The management could first assess the role the firm played in promoting the apartheid regime vis-à-vis the benefits the shareholders derived from the firm’s operations in South Africa. On the first resolution, the managers of Texaco and SoCal could not accept the resolution. In 1975, Caltex was planning to expand its refinery plant in Milnerton, South Africa. This investment promised a good annual return of 20 percent on the original investment. The management was committed to expanding investment of its shareholders at all costs. Timothy Smith 1977.

Concerning the solution not to sell to the military or police of South Africa, the management could not accept the resolution because South African law required oil refineries in South Africa to set aside a percentage of their oil for government purchase. South Africa’s National Supplies Procurement Act had earlier directed Caltex to refrain from imposing any conditions or reservations of whatever nature in respect to the use, resale, or further distribution of petroleum products and, from refusing to sell except subject to such conditions. It would be a crime under South Africa’s law was Caltex-South Africa to undertake a commitment not to supply petroleum products for use by the South African military or any other branch of the South African government. Herman Nickel 1968.

Concerning Tutu’s principles, the managers would have voted for it because these four principles were agitating for the black’s rights that were suppressed. They would have accepted to Implement and/or increase activity on each of the four Tutu conditions and report to shareholders annually how the Company’s presence is, on balance, a positive influence for improving the quality of life for non-white South Africans. If the South African Government does not within 24 months take steps to rescind the Group Areas Act and the influx control laws as steps toward the dismantling of apartheid, begin the process of withdrawal from South Africa. Herman Nickel 1968.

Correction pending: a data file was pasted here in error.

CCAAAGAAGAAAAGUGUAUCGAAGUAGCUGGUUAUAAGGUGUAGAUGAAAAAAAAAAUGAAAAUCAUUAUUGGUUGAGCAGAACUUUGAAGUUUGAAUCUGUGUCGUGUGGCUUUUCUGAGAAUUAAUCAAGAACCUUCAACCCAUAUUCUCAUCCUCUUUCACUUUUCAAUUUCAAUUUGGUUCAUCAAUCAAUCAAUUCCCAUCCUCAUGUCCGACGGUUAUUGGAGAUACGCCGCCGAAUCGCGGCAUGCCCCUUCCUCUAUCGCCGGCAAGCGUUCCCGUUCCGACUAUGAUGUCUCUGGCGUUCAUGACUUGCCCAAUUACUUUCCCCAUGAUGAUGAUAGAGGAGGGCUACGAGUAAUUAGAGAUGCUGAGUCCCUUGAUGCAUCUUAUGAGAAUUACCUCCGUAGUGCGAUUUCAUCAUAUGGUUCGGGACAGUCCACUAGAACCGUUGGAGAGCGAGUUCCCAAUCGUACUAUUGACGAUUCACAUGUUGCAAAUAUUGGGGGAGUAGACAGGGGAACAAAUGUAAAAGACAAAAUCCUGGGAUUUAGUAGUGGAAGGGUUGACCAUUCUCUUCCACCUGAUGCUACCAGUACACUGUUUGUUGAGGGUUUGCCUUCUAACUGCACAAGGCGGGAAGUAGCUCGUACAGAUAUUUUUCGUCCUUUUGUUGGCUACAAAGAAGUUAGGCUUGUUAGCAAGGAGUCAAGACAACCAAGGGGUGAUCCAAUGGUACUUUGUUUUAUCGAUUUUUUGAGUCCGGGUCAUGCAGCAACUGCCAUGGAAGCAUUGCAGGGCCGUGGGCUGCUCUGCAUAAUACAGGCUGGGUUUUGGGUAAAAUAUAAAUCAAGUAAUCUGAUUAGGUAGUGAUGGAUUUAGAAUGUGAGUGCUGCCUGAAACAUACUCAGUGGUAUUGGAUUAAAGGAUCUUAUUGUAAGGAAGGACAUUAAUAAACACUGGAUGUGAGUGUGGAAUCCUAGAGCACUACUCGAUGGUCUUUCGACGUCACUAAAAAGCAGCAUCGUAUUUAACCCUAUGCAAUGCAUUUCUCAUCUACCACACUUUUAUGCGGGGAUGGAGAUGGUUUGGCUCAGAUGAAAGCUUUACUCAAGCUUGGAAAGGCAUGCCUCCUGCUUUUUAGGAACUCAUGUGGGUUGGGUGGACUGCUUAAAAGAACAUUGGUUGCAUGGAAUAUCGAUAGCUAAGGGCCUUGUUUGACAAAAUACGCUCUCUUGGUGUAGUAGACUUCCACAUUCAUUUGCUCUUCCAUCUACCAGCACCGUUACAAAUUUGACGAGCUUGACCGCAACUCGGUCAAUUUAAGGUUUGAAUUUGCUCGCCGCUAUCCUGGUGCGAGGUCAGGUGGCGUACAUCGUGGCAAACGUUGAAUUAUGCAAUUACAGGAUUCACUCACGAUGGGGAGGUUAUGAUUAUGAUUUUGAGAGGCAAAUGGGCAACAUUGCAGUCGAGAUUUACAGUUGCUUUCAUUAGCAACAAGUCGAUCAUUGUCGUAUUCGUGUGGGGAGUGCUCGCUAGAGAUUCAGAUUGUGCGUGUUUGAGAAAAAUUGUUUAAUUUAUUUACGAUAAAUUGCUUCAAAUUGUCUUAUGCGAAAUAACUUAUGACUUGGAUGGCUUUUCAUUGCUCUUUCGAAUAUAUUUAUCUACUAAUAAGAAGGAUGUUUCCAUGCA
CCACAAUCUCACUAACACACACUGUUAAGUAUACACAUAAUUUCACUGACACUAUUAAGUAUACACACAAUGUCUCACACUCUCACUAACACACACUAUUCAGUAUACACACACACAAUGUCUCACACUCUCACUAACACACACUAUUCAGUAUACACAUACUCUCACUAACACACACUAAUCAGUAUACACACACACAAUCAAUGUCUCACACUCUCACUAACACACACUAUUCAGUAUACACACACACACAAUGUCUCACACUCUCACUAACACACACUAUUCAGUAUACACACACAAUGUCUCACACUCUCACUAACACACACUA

The cardinal role of any company management is to provide the highest level of returns on shareholders’ capital. However, by doing so, the management is supposed to do that within the rules of the law. The management must ensure that the company meets its social responsibility to its workers, the government and to the public. The management should ensure that the needs of its internal environment, as well as external environment, are properly catered for. Concerning the criteria for deciding what investments a firm should make, it should not look primarily to the law and to the rate of return on its investments as there are many factors that can hider a type of investment. The management should consider availability of such important inputs such as appropriate and skilled labor and raw materials. It should also consider the effect of such an investment on the environment. If its production activities can negatively affect the environment in both long run and short run, such an investment is not worthy. Jack Magarrell, 1979.


Jack Magarrell, “U.S. Adopts Stand on Apartheid: Backed on Many Campuses,” The Chronicle of Higher Education, 1979.

Herman Nickel, “The Case for Doing Business in South Africa,” Fortune, 1968, p. 72.

Investor Responsibility Research Center, Analysis E Supplement No. 9, 1977, p. E 114.

Nickel, “Doing Business in South Africa,” p. 64.

Timothy Smith, “Whitewash for Apartheid from Twelve U.S. Firms,” Business and Society Review, Summer 1977, pp. 59, 60.

Timothy Smith, “South Africa: The Churches vs. the Corporations,” Business and Society Review, 1971, pp. 54, 55, 56.

Investor Responsibility Research Center, Inc., Corporate Activity in South Africa, 1984, Analysis G, supplement no. 2, 1984.

Investor Responsibility Research Center, Inc., U.S. Corporate Activity in South Africa, 1986 Analysis B, 1986.